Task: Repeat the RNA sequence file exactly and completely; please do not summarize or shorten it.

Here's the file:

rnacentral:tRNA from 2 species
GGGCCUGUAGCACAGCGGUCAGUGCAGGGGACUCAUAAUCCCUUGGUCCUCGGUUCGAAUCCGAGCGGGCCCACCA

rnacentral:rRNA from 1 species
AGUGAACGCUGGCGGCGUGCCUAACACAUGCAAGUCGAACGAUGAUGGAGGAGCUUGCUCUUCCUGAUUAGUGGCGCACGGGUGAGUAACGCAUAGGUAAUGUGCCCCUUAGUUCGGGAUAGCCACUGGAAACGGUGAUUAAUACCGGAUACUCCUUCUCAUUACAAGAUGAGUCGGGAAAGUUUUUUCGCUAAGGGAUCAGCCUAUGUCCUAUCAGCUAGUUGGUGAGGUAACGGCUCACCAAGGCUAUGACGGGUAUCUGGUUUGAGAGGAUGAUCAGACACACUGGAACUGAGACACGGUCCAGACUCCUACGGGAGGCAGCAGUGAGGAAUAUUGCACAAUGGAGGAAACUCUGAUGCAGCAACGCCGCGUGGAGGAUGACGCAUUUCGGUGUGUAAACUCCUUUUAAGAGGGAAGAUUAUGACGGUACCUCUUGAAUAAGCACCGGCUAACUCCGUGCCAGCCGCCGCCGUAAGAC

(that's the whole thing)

rnacentral:tRNA from 2 species
GGGCCUGUAGCACAGCGGUCAGUGCAGGGGACUCAUAAUCCCUUGGUCCUCGGUUCGAAUCCGAGCGGGCCCACCA

rnacentral:rRNA from 1 species
AGUGAACGCUGGCGGCGUGCCUAACACAUGCAAGUCGAACGAUGAUGGAGGAGCUUGCUCUUCCUGAUUAGUGGCGCACGGGUGAGUAACGCAUAGGUAAUGUGCCCCUUAGUUCGGGAUAGCCACUGGAAACGGUGAUUAAUACCGGAUACUCCUUCUCAUUACAAGAUGAGUCGGGAAAGUUUUUUCGCUAAGGGAUCAGCCUAUGUCCUAUCAGCUAGUUGGUGAGGUAACGGCUCACCAAGGCUAUGACGGGUAUCUGGUUUGAGAGGAUGAUCAGACACACUGGAACUGAGACACGGUCCAGACUCCUACGGGAGGCAGCAGUGAGGAAUAUUGCACAAUGGAGGAAACUCUGAUGCAGCAACGCCGCGUGGAGGAUGACGCAUUUCGGUGUGUAAACUCCUUUUAAGAGGGAAGAUUAUGACGGUACCUCUUGAAUAAGCACCGGCUAACUCCGUGCCAGCCGCCGCCGUAAGAC